I didn’t plan to over winter these plants, but I am now debating as to how long I can keep them. I do need to check, actually, if they are still alive. It may well be that Mother Nature has already given me an answer to that question. Would be disappointing if they have all ceased to exist. This year we have had the grand sum of three chillies.
It’s been a wet and windy week in blighty, the nights are drawing in and the temperatures are dropping. With work, I’ve not been able to pop down to the plot during the week. I wandered down today in the vain hope that some of the superhots might have started to fruit, There is has been nothing in terms of habaneros yet, which is disappointing. What I do have, is quite a lot of foliage and white flowers dotted around. The number of flowers is certainly greater than during the summer, and to be frank, I have been ignoring the chilli plants.
What I have done, is walked into the poly, and done the shake shake. Shaken the plants from side, in the same way a breeze might. Hoping that this may help the self pollination. There are not many insects around, and touching the flowers risks them falling off. Even the serrano chilli plant is full of flowers now, Though these are slightly rusty looking, which doesn’t bode well.
Checked the aubergines, with their lilac floo’ers. There are quite a few now, so you never know if we are going to have more of those.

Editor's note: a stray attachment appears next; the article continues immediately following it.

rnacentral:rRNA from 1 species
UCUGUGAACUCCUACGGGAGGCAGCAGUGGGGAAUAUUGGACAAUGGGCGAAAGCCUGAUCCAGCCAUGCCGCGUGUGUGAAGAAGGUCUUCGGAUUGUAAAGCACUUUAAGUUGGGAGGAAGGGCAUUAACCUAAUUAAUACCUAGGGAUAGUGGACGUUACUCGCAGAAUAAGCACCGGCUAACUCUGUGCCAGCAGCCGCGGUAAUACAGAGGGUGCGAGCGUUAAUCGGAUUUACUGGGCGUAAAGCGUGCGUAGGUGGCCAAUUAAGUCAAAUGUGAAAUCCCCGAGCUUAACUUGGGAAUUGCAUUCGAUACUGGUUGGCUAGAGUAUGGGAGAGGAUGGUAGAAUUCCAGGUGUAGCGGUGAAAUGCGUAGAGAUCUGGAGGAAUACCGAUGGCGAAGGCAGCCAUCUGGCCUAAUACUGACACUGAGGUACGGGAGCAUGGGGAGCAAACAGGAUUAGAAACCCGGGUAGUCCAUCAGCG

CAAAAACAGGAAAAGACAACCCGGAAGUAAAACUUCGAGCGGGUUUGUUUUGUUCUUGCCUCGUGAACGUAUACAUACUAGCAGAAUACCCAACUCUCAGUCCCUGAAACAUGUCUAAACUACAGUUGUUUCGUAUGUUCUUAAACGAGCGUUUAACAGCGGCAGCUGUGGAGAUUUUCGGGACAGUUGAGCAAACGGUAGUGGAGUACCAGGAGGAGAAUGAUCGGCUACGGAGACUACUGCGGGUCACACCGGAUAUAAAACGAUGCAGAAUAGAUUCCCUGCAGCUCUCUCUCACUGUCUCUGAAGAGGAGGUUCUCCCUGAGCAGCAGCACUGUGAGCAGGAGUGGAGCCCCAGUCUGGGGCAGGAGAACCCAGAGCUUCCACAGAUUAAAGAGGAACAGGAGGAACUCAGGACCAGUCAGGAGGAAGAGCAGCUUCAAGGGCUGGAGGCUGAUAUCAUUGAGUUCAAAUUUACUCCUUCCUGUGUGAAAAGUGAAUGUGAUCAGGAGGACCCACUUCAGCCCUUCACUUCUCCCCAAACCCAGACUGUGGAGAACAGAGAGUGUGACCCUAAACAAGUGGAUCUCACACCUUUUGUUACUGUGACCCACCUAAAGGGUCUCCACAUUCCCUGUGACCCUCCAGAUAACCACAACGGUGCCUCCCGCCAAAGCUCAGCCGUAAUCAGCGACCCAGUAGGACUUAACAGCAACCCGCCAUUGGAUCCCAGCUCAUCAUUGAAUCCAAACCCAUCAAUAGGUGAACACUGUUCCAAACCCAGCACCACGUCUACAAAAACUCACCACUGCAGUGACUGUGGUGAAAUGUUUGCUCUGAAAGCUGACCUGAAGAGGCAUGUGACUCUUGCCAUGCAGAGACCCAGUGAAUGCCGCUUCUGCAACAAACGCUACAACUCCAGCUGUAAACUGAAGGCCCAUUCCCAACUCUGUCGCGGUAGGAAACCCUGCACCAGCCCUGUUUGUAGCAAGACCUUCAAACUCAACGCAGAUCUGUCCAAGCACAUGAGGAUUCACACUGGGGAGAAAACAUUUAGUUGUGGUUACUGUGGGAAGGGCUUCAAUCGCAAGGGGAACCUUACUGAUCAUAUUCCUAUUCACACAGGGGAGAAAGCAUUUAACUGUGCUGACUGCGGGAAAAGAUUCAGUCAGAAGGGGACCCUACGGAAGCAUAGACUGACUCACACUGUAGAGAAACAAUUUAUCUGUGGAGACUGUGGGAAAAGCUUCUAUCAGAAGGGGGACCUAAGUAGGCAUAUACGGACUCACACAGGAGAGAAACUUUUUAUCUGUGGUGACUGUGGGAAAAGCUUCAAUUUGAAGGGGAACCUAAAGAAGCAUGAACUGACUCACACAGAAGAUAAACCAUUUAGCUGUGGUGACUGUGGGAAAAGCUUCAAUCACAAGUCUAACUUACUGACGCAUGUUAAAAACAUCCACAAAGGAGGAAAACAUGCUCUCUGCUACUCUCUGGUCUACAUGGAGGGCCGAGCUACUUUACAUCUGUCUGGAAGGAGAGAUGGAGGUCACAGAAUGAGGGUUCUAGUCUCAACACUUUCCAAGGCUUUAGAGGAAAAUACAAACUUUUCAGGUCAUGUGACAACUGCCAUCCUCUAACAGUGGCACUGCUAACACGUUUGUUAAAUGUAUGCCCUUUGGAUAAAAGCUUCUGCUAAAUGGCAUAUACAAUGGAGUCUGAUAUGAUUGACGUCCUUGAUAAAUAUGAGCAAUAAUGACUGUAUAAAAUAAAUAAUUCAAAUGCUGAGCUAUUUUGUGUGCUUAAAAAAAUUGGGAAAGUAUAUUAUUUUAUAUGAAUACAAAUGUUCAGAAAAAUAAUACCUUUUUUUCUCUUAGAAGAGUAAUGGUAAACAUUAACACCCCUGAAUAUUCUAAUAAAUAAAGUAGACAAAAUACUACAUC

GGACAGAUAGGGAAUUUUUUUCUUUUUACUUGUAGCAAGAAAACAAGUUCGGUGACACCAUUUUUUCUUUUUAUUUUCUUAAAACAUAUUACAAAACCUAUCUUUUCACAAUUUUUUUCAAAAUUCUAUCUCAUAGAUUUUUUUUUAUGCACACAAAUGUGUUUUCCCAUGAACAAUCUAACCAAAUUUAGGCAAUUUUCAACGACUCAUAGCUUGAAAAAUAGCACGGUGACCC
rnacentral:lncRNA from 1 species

Did the hokey cokey with the hot thai chilli plant, and thought why is there a bit of red ribbon down there. It was not a red ribbon, it was a ripe fruit. There were exclamations of oh em gee. And it’s hot, as i had a rather itchy palm just from holding it.
You have to wipe down your glasses after stepping in as the temperature rises in there.
Is burgeoning in there with blooming aubergines. There are cascades of lilac flowers. If you look closely, having delicately stepped inside; there are a few white chilli and pepper flowers. Still don’t fancy even touching the habanero or naga plants at risk of dropping the flowers.
The crimson sweet water melon is vining all over that place and today i spotted two fruit in need of pollinating. Sweet potatoes are also sprawling everywhere.
Meet Thornton, he is a chocolate habanero; and he has a flower.
The first of the proper hot ones to set a flower and bloom. Even tickled to make sure. Just hope that it doesn’t et stressed and fall off. That’s not an innuendo, if the plant gets stressed then the flowers don’t set any fruit.
These are some of the plants that were nearly cooked to dearth. So they need a little loving. Sat in lot of water, I am trying to revive them a little. A few of the leaves are very limp; but a few are bit more waxy and toughened looking.
The pretty purple has succumbed and ceased to exist. The two California wonder sweet peppers are also a bit ropey looking.
Had an God awful panic. Went into the poly tunnel and there were burned chillies. Drooping and nearly dying. Have had to soak them all with the heavy loads of water. The chocolate and orange habanero have both been doused and placed into the ground with fish blood and bone. Couple of the bengle and Dorset Naga leaves were nipped beyond repair, so have been taken off. Think the pretty purple is a write off, and possibly one of the California wonder sweet peppers.
Really quite devestating, in underestimating how hot the poly and Wendy can get. Jamaican jerk and scotch bonnets have also been stuck in lots of water.